It's a breezeless 90 degrees in NYC, and I'm standing on a sunlit street corner flinging Pokéballs at a Psyduck I spotted on my way to Starbucks. No, this isn't a fever dream: it's part of my experience playing the newly released Pokémon Go mobile game, and truth be told, it isn't even the weirdest part. Allow me to walk you through the highs (and lows) of what will likely become your latest obsession: the first real-life Pokémon hunt.

Note: I played the game on an Android phone, but the experience on an iPhone is roughly identical.

Niantic, Inc/Nintendo

How Pokémon Go actually works

Once you've set up your character, chosen a suitably hilarious nickname, and picked a starter Pokémon (the classic Charmander/Squirtle/Bulbasaur choice), you're let loose into the world -- which, in the case of this game, is a virtual map of wherever you're located overlaid with colorful nodes to interact with as you move around. The blue markers peppering the streets are Pokéstops: points of interest which, once you're within range, provide you with items like Pokéballs, health potions, and eggs (which incubate into Pokémon after you walk a certain distance). The more ornate markers are Gyms, which allow you to battle other players -- more on those later.

You'll also notice little animations of rustling leaves from time to time: these are the locations of wild Pokémon, and once you walk within range of them, they (usually) turn into an adorable little monster for you to capture. This, as you'd expect, is the main reason you're playing the game.

Niantic, Inc/Nintendo
Niantic, Inc/Nintendo

Hitting the "AR" (or Augmented Reality) button in the top left of your screen activates your phone's camera, propelling a Pokémon into whatever environment happens to be right in front of you. This can provide some neat, transcendent moments. On my first adventure, I found a Pidgey sitting on an outdoor cafe table. The results can also be extremely awkward; I found a Doduo half-floating on a man's chest in the elevator.

A swipe up on your screen will fling a Pokéball at the lil' sucker. Score a direct hit, and you've just caught yourself a new buddy. The ease with which this works is dependent on a variety of factors, including your throwing skill, the CP (Combat Points) of the Pokémon, and the type of Pokéball you use. Also, the Pokémon you find will vary based on where you are in the world: you'll find water types near water, grass types in parks, and so on. I played the game in Manhattan, so I found mostly rats and birds. Pretty legit.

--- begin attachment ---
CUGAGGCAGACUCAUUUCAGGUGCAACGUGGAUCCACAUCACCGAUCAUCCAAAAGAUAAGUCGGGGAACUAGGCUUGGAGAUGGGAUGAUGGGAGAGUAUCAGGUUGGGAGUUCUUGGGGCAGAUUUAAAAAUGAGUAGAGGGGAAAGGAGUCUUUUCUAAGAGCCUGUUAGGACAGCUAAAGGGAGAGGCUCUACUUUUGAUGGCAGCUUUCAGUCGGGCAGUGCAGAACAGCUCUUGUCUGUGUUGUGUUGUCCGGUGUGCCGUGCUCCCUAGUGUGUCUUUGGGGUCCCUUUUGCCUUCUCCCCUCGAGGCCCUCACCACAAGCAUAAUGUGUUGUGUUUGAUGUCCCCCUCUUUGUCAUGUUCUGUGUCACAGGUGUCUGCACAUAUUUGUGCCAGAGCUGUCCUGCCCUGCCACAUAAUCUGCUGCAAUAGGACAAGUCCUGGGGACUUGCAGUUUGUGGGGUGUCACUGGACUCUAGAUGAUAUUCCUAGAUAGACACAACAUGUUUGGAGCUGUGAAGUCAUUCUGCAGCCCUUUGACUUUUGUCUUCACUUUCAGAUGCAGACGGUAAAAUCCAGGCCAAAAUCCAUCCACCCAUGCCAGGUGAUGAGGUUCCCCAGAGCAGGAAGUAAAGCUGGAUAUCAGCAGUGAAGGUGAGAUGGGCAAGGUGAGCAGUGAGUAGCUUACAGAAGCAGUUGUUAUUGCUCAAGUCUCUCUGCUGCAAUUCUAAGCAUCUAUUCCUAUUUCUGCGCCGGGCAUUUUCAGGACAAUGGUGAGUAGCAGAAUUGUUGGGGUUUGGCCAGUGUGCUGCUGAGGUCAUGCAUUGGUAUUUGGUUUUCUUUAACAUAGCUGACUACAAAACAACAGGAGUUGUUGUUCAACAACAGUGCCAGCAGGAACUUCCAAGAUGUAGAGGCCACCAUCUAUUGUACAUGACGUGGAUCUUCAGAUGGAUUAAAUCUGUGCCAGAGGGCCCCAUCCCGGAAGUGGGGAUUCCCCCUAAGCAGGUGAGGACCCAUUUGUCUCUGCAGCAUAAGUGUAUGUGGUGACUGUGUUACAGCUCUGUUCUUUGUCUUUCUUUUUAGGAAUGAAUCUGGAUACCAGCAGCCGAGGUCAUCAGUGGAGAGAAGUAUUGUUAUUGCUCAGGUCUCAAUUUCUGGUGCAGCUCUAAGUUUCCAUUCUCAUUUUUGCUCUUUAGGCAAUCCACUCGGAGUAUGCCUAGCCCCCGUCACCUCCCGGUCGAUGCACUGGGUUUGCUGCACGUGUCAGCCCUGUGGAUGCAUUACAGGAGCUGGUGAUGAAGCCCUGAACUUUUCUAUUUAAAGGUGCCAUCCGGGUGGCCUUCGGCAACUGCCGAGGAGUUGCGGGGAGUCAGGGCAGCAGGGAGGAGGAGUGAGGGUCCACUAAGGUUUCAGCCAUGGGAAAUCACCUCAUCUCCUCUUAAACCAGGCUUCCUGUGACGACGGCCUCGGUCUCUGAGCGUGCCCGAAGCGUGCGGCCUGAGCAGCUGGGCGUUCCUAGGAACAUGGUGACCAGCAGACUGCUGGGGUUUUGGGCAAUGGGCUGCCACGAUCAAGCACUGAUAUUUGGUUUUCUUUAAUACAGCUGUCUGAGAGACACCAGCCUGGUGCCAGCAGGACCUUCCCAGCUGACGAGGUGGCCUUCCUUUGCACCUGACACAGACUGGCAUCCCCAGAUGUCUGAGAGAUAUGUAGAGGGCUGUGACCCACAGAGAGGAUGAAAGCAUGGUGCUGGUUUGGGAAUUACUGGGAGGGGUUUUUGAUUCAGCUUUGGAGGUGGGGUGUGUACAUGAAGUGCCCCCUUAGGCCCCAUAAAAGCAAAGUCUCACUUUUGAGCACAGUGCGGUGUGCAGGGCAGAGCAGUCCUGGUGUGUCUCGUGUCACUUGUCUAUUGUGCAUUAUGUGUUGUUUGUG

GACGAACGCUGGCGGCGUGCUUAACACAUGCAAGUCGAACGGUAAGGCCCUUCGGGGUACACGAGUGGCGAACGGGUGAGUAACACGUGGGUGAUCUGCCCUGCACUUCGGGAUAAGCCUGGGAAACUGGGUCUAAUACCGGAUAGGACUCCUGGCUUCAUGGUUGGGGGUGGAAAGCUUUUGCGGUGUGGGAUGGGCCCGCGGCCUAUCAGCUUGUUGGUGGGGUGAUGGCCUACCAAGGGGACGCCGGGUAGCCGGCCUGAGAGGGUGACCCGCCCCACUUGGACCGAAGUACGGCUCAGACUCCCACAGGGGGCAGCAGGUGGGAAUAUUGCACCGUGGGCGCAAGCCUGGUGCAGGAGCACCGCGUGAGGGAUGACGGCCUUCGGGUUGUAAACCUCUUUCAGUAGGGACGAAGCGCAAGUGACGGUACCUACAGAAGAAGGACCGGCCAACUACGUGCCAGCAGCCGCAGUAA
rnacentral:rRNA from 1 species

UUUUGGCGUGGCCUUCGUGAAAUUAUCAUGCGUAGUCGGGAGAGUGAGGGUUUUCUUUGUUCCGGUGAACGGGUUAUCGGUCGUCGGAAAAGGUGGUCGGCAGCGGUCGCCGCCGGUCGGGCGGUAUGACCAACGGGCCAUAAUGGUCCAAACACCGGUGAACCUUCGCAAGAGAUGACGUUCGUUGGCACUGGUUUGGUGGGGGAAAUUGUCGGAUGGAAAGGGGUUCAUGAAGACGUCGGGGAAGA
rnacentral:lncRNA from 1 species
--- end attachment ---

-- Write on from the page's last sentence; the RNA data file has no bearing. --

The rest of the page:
Also worth noting: it's easy to get immersed in this game, to the point where you might just walk into traffic/off a cliff without noticing. Yes, the game warns against such behavior each time you load it up, but the nature of how you play makes such accidents almost inevitable. So yeah, definitely be mindful of that when you play.

Niantic Inc/Nintendo
Niantic, Inc/Nintendo

Where the game falls apart

Once your character hits Level 5, the Professor Oak-type instructor (who happens to be a ruggedly handsome silver fox for some reason) announces that you're ready to join one of the game's three teams (Red, Blue, or Yellow) and start battling for control of the various Pokémon Gyms scattered across the map. This is arguably the worst part of the game, for several reasons.

Gone are the strategic Poké-battles of old, replaced by a swipe-to-dodge and tap-to-attack mechanic that might be fun if it weren't so inscrutable. There's no tutorial to help you get a handle on how battles work, so you're thrust into a fight against another player's Pokémon which, generally speaking, are MUCH more powerful than your own. Whether this is a result of my own ineptitude or the game's micro-transactions (which, for a few bucks, allow you to pay to artificially power up your Pokémon) isn't clear.